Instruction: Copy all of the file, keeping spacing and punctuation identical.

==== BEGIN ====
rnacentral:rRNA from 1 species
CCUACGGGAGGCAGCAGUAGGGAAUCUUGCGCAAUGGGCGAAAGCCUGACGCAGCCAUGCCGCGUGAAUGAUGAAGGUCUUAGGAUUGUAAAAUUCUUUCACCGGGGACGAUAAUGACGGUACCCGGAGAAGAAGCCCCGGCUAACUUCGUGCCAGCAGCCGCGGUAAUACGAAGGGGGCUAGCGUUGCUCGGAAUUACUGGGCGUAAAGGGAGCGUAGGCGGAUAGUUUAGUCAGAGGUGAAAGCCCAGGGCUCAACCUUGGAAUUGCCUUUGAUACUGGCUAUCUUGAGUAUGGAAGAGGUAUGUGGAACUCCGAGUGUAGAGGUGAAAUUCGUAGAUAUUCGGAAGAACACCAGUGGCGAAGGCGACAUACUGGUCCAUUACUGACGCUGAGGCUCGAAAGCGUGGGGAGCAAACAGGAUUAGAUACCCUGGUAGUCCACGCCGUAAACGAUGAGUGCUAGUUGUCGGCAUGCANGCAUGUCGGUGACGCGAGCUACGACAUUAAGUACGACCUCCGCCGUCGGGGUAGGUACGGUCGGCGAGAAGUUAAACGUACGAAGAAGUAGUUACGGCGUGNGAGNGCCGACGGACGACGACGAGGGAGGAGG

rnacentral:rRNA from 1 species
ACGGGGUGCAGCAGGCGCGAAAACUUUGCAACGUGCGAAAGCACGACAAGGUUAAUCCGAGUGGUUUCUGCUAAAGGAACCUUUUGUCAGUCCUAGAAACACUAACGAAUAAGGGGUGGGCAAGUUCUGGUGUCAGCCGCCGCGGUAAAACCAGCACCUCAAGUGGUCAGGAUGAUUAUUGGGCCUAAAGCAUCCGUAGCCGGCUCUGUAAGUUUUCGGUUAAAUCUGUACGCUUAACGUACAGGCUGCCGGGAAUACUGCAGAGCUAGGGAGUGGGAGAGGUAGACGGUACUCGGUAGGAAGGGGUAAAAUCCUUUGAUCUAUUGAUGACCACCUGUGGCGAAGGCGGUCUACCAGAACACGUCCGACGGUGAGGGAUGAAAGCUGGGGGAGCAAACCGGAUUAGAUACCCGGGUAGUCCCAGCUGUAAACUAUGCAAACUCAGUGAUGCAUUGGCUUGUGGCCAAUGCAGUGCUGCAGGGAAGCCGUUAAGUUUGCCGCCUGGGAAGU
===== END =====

rnacentral:rRNA from 1 species
CCUACGGGAGGCAGCAGUAGGGAAUCUUGCGCAAUGGGCGAAAGCCUGACGCAGCCAUGCCGCGUGAAUGAUGAAGGUCUUAGGAUUGUAAAAUUCUUUCACCGGGGACGAUAAUGACGGUACCCGGAGAAGAAGCCCCGGCUAACUUCGUGCCAGCAGCCGCGGUAAUACGAAGGGGGCUAGCGUUGCUCGGAAUUACUGGGCGUAAAGGGAGCGUAGGCGGAUAGUUUAGUCAGAGGUGAAAGCCCAGGGCUCAACCUUGGAAUUGCCUUUGAUACUGGCUAUCUUGAGUAUGGAAGAGGUAUGUGGAACUCCGAGUGUAGAGGUGAAAUUCGUAGAUAUUCGGAAGAACACCAGUGGCGAAGGCGACAUACUGGUCCAUUACUGACGCUGAGGCUCGAAAGCGUGGGGAGCAAACAGGAUUAGAUACCCUGGUAGUCCACGCCGUAAACGAUGAGUGCUAGUUGUCGGCAUGCANGCAUGUCGGUGACGCGAGCUACGACAUUAAGUACGACCUCCGCCGUCGGGGUAGGUACGGUCGGCGAGAAGUUAAACGUACGAAGAAGUAGUUACGGCGUGNGAGNGCCGACGGACGACGACGAGGGAGGAGG

rnacentral:rRNA from 1 species
ACGGGGUGCAGCAGGCGCGAAAACUUUGCAACGUGCGAAAGCACGACAAGGUUAAUCCGAGUGGUUUCUGCUAAAGGAACCUUUUGUCAGUCCUAGAAACACUAACGAAUAAGGGGUGGGCAAGUUCUGGUGUCAGCCGCCGCGGUAAAACCAGCACCUCAAGUGGUCAGGAUGAUUAUUGGGCCUAAAGCAUCCGUAGCCGGCUCUGUAAGUUUUCGGUUAAAUCUGUACGCUUAACGUACAGGCUGCCGGGAAUACUGCAGAGCUAGGGAGUGGGAGAGGUAGACGGUACUCGGUAGGAAGGGGUAAAAUCCUUUGAUCUAUUGAUGACCACCUGUGGCGAAGGCGGUCUACCAGAACACGUCCGACGGUGAGGGAUGAAAGCUGGGGGAGCAAACCGGAUUAGAUACCCGGGUAGUCCCAGCUGUAAACUAUGCAAACUCAGUGAUGCAUUGGCUUGUGGCCAAUGCAGUGCUGCAGGGAAGCCGUUAAGUUUGCCGCCUGGGAAGU